Day 60 of #100daysmarketingcreatives - Why You Need To Follow The 50 Products Rule
In day 58 - rule of 7 organising your shop? I introduced the rule of 7 which is an essential rule to follow when designing your website interface to market your art or craft online. The rule isn't essential to follow and you will find many websites that break this rule that are still successful but if you follow the rule it is likely that your website will be easier to use and therefore more successful.
In a nutshell the rule of 50 suggests that you should have at least 50 products in your website shop in order for it to work well for you. I first came across this rule setting up my first Etsy shop and reading about people's experiences there. Very early on I came across a statement from someone that suggested that you need at least 50 products to make your Etsy shop work. I remembered that comment and then looked for more evidence to support why that might be the case and that soon became evident to me and I came across many more comments that backed up the rule.
Obviously there are exceptions to the rule. Yes you will find people that have just a handful of beautifully photographed products with compulsive copy that have been painstakingly optimised for search engines, that are well priced, that have been reviewed by key industry influencers and been in the right place at the right time that have sold exceptionally well, at the other end there will be people with hundreds of products with poor photos, poor copy and poor optimisation, poorly priced products that are wondering why their products will not sell.
With the visibility available on websites such as Etsy it is very easy to look at your competitors and see how many products they stock and how many sales they have made in the last 12 months. It doesn't take long to quickly look through and find evidence that the majority of shops with only a handful of products have very few sales and those with larger numbers of sales all have 50 or often much more products.
What most people do not realise, however, is that the increase in sales is not just because these shops with more products offer more choice, it goes much further than that. It is because every product is an entry point into your shop. Customer's won't necessarily always find your website homepage or Etsy shop page, for example, first, they will often find your product page first and if that interests them they may go from there to your homepage or shop page and then on to other products you have before ultimately buying from you.
Think of it like tickets in a raffle - if you have only 5 or 10 products you only have a slim chance of winning that prize of catching that customer looking for products similar to yours. Buy 100 or 200 raffle tickets, however, and your chances increase dramatically. The numbers alone give you a huge advantage but it then goes much deeper than that even.
Imagine that you have a product such as a luxury piece of jewellery that you want to sell. You might think of a few keywords and phrases that you can optimise to help your page feature higher in searches. You will probably come up with ones such as 'jewellery', 'silver', 'fashion', 'luxury', 'sterling silver', 'minimalist', 'earrings', 'studs', 'stud earrings', 'silver earrings', 'luxury earrings', 'minimalist earrings', 'contemporary jewellery', 'contemporary earrings'. Now think of the subject matter and description - 'bird earrings', 'oval earrings', 'large earrings', 'loop earrings' and so on. These are a handful just off the top of my head but if you then research some products yourself using these words and phrases to search you are likely to come up with a list of 30-50 just for this one product alone. Then consider how we spell 'jewellery' in the UK and yet 'jewelry' in the US. We want our product to appeal to both markets using both spellings in listings so we need even more variations.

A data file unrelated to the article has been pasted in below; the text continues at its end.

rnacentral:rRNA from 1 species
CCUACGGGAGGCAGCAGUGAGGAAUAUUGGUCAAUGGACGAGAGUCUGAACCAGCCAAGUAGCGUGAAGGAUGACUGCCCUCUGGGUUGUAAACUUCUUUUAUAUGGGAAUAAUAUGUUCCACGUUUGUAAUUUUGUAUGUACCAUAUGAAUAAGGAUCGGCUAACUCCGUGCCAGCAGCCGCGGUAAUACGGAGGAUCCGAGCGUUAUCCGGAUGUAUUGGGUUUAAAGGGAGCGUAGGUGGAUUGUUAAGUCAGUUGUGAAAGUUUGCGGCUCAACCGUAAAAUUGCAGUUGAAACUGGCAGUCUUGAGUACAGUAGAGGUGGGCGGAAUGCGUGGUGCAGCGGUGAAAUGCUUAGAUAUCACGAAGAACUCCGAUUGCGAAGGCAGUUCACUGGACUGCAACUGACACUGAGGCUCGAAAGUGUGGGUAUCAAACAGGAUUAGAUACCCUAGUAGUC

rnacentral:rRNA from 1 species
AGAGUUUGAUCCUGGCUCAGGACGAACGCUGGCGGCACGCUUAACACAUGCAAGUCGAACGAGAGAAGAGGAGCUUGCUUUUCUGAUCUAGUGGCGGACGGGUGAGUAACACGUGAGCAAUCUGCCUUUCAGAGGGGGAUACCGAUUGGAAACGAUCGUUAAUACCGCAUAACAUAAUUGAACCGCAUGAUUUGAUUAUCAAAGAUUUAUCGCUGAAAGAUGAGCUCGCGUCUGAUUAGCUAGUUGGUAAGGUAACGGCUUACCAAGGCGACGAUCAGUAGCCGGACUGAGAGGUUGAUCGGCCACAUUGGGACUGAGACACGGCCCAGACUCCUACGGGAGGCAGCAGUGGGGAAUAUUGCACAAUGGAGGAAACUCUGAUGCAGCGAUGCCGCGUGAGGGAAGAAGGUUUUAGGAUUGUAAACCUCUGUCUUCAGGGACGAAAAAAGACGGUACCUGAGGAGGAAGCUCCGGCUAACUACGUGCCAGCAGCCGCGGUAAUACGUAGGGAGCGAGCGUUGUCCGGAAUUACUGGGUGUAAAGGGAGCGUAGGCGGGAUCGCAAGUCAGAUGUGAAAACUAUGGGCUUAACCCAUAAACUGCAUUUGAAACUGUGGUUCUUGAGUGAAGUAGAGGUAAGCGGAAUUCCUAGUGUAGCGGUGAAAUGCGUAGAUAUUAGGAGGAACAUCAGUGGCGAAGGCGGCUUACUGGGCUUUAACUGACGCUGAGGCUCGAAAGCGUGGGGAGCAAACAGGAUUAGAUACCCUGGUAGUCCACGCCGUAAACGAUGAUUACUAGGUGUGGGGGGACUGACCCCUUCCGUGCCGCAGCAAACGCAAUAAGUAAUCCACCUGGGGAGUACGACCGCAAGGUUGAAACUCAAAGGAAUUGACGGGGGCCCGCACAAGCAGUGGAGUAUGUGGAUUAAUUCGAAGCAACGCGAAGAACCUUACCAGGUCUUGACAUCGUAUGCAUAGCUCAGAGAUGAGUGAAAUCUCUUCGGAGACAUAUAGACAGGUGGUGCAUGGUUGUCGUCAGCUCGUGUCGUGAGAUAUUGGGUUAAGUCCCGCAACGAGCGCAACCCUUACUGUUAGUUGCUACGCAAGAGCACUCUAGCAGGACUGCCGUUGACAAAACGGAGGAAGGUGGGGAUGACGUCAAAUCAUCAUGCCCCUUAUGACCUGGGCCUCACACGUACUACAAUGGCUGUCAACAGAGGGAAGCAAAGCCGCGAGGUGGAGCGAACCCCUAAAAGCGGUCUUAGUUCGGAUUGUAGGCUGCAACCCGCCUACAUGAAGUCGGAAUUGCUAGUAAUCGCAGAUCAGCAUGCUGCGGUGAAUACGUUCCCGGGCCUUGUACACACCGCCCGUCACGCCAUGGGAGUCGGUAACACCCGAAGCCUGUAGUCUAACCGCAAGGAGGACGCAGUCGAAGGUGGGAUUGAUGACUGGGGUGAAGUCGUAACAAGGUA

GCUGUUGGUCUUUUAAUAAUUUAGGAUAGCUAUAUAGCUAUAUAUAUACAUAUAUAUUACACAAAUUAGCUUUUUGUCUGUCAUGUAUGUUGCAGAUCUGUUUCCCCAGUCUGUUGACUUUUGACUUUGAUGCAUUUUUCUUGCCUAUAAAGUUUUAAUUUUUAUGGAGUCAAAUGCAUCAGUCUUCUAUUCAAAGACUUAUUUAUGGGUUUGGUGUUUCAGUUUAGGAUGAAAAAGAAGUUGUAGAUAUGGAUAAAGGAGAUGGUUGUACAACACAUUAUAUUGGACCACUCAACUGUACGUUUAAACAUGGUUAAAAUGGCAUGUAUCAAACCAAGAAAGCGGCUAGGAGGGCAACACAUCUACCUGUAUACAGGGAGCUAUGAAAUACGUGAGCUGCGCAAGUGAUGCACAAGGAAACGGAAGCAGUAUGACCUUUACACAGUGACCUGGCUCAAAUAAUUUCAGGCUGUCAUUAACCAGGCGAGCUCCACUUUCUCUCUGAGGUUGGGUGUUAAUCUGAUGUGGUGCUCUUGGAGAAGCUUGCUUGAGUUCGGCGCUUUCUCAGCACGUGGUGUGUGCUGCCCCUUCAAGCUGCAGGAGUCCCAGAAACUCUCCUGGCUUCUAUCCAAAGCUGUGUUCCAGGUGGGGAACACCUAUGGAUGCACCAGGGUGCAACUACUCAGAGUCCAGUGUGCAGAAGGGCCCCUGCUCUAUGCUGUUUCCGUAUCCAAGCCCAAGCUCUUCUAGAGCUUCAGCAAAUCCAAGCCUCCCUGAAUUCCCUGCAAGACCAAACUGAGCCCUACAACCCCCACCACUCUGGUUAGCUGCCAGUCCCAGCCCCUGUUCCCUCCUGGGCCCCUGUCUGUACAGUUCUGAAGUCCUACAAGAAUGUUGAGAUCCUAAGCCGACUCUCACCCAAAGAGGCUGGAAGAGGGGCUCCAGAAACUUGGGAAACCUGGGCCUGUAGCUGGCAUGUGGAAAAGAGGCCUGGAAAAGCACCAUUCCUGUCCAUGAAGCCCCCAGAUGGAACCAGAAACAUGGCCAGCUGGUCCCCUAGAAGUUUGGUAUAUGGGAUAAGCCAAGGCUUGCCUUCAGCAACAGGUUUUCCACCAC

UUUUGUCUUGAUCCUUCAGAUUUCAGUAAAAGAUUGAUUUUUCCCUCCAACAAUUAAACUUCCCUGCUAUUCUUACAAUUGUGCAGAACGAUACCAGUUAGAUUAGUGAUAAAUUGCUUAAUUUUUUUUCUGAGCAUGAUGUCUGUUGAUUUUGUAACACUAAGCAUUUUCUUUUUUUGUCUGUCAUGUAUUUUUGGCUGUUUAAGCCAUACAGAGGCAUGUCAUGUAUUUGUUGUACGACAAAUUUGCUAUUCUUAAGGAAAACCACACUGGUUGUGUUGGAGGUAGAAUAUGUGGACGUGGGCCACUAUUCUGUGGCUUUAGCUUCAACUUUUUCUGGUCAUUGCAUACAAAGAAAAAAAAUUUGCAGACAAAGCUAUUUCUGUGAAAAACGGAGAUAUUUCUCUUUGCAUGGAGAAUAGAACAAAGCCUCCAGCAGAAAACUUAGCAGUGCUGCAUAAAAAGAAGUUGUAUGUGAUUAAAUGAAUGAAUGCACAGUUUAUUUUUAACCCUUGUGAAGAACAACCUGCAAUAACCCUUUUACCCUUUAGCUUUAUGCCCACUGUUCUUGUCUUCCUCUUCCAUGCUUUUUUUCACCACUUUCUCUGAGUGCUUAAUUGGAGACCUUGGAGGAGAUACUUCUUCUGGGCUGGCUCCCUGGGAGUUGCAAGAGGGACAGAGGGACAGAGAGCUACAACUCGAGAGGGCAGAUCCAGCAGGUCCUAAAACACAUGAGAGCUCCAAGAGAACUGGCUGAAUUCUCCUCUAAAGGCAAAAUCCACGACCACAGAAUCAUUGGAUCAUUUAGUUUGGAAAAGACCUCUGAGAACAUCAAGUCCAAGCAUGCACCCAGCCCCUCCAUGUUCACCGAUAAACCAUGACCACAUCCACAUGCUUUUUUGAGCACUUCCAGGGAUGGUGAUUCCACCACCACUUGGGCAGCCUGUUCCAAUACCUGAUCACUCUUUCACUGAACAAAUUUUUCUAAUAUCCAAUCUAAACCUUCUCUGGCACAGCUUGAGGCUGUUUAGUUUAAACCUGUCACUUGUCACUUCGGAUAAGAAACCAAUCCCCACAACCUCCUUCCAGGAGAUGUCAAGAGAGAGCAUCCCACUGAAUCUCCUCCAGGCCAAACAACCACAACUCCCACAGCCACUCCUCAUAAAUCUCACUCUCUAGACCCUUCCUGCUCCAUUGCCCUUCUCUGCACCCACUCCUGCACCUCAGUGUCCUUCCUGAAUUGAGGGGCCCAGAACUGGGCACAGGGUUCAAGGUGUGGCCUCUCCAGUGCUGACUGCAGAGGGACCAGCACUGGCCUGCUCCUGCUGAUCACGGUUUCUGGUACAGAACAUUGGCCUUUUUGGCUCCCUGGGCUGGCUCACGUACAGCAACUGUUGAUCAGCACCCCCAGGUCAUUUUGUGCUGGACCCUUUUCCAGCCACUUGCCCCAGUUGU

Etsy limits you to 15 search tags per product so you then have to choose which 15 to use and which to ignore. If you ignore some you are ignoring customers that might have come to your shop. But what if you have 2 similar types of product. Both might be silver earrings and would fit all 30-50 words or phrases so you can use a different 15 against this second product and a different 15 against the 3rd product and so on. By splitting all your keywords and phrases carefully across multiple similar products you spread a much wider net to catch your customers.
I will go into much more detail about search engine optimisation later. The key thing to take away from today's post is that having more than 50 products is an important part of your online marketing strategy. I support a number of customers with between 20 products and 100+ products at this time. They are all lovely products that sell well at shows and exhibitions but it is very clear that selling products online is much harder with small numbers and becomes a much easier process the larger the numbers. Larger numbers of products also create much more opportunities for news in social media, blogs and newsletters without repeating yourself. These are all essential activities also needed to pull customers in to your online shop which will be covered in great detail later.
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How many products do you stock in your online shop?